La questione delle “porte girevoli” è legata all’organo etico dell’UE
The issue of revolving door is related to the EU Ethics Body. Nevertheless, these two issues are parallel because with the existence of the EU Ethics Body, current rules will not change, and we have serious concerns about the rules themselves. These rules need to continue to progress.
As Mr Freund already mentioned, in 2017 TI EU did an assessment of the MEPs who left in 2014 and 30% of them had moved to work for organisations registered in the EU Transparency Register. This is concerning if we think that in the Discharge report for the Parliament, conducted by European Parliament Committee on Budgetary Control (CONT), there is written that of the 459 MPs that left in the 2019 there was one notification under the Code of Conduct. If we compare to our 2014 study, there is a big disparity between the numbers.
There are several problems across the institutions. One of them is that there are different bodies for the Parliament and Commission. In addition, there are different rules for staff, APAs etc. Concerning revolving doors there are different rules and for MEPs only a notification is requested but this is not an obligation. In addition to that, there is no follow up by the Parliament services.
In the Discharge report 2019, it was asked to the Secretary General of the Parliament to conduct an independent study asking whether post employment activities of MEPs could create conflict of interests. This has not been done. The reply of the Parliament is that they do not have the power (and here the question is who has it) and that they gave trainings on that, but the study was not done. It is concerning that calls by the plenary of the Parliament are not being taken on board by the Parliament Services. Concretely, we would like this study to be done.
We would also like to see rules on revolving doors for MEPs, as for staff, APAs and so on. Here the question is how long a cooling off period should be. For example, the President of the Commission has three years, APAs have two years (if they were at the Parliament for five years). For MEPs, we would recommend a cooling off period as long as they receive a transitional allowance.
A connected point to revolving doors is of course, lobbying. Policy makers leaving the Institutions that are hired by organisations registered in the transparency register should be declared in the respective entries. GDPR should not be used as a reason to prevent the public from knowing this is type of information, even more if this is voluntarily done.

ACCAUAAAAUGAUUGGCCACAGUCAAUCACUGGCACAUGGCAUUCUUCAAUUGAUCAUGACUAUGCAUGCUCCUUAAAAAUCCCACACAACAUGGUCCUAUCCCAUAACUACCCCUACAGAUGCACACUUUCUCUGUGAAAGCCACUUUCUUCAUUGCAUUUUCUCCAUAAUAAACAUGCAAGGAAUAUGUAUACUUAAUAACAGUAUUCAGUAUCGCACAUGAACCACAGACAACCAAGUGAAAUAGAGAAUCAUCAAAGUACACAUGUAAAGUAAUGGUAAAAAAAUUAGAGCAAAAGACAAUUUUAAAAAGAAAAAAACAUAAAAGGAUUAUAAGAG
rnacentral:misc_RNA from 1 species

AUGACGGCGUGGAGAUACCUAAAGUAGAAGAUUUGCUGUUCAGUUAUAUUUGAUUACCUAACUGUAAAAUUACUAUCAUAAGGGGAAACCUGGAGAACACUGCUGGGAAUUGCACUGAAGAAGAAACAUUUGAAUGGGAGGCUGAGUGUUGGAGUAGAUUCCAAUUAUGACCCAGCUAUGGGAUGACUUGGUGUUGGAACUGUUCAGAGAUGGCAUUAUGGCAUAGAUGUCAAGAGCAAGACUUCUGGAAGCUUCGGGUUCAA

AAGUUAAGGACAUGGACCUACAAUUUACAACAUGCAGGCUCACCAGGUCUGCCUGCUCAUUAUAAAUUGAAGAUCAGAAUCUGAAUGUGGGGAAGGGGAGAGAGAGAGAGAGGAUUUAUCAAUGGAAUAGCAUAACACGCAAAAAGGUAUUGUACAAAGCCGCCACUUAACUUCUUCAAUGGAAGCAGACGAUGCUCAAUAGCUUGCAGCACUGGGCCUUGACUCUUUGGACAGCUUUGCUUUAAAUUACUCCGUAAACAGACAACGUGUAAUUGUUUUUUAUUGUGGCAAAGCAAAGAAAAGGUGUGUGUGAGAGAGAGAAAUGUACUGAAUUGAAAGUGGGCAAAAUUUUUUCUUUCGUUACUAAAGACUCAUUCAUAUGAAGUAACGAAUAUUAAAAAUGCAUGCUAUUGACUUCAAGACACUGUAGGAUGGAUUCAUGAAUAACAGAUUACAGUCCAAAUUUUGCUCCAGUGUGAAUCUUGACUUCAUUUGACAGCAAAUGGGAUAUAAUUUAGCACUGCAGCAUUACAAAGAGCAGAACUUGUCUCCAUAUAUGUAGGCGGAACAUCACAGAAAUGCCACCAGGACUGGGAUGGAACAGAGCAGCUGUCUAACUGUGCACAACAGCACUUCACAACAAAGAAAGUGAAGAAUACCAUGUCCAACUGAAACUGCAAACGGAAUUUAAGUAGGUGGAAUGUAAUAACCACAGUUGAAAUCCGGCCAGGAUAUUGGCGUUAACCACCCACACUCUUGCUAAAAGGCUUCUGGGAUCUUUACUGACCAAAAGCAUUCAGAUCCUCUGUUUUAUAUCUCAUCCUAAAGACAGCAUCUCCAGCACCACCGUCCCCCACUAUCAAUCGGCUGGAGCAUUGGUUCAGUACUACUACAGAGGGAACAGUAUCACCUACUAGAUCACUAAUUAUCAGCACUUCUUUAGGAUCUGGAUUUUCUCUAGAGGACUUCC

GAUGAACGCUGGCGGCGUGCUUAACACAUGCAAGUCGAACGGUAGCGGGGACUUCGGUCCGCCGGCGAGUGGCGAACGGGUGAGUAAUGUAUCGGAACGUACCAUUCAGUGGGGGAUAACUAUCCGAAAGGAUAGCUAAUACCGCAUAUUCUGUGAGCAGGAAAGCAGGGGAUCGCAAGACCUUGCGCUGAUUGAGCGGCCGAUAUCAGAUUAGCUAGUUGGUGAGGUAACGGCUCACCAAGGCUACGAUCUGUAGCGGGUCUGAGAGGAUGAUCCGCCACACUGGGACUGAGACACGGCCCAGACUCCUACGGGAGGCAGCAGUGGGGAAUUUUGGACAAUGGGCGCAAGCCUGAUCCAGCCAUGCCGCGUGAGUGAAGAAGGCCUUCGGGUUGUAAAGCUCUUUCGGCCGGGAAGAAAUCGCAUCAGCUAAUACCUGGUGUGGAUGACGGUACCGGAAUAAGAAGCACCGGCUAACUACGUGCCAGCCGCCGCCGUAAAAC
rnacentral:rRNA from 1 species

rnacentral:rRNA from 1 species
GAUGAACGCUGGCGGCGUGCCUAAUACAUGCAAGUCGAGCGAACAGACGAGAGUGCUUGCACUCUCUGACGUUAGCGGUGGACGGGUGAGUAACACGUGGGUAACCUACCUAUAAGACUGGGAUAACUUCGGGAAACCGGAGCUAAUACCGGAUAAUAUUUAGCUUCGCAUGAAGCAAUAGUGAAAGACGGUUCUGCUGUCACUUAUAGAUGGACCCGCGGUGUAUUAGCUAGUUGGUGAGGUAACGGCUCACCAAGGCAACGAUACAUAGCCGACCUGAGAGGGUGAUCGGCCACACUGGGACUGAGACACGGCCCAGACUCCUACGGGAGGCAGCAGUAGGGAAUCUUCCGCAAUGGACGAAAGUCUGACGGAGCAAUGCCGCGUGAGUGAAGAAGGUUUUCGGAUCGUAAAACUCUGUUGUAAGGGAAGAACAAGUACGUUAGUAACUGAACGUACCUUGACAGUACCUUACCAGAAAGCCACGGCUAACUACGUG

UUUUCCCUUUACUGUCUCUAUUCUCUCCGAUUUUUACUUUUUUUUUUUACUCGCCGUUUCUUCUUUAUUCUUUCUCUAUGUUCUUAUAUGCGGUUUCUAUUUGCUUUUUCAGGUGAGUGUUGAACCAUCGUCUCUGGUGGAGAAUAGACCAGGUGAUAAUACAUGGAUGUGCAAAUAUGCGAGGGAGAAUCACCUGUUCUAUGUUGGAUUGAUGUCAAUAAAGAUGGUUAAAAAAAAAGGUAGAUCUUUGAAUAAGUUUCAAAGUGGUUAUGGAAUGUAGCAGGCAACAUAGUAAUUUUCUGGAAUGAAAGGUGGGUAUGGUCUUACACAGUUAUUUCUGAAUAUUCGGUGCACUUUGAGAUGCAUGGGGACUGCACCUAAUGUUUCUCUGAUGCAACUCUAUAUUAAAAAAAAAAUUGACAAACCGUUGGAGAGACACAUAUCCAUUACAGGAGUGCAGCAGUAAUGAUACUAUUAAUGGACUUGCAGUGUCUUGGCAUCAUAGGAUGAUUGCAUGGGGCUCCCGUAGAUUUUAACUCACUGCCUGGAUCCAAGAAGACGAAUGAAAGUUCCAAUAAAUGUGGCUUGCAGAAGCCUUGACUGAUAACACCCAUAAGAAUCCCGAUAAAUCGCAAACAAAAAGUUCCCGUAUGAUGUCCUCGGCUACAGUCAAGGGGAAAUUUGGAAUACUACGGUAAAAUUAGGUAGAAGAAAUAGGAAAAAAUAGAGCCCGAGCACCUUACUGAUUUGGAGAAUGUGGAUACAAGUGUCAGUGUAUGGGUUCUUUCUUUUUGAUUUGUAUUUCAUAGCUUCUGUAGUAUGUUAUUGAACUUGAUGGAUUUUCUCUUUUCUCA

Another issue related to revolving doors is the publication of meetings with lobbyists. In this there are two main points:
- First, we advocated long that unregistered lobbyists should not be able to meet MEPs (as it is the case for the highest levels of the Commission). The legal services of the Parliament claimed that this would go against the freedom of mandate. Such a stance puts into question the function of the Register itself, as if registration is not a prerequisite for meeting policy-makers, why register?
- Second, is the publication of meetings. Only MEPs with specific functions, like rapporteur, shadows and Committee Chairs are required to publish their lobbying meetings. For all others, it is voluntary. a study which we are now conducting, it appears that in the last years the number of MEPs publishing has actually decreased. Now, less than 50% of MEPs have published at least one meeting. The current system of obligation for some MEPs and voluntary approach for others is unnecessarily complicated and leads to confusion.
The above two points put into question any policy on revolving doors, as it leaves the possibility that former policy-makers of any level, lobby former colleagues and friends without any requirements and no public knowledge. The system would be more effective and efficient if any meeting with only registered lobbyists could meet with MEPs, APAs and Policy advisers and these would be published. Until a change in the rules is possible, we call on the expansion of the current IT system of the Parliament to allow all APAs and policy advisers that wish to do so, to publish their meetings as well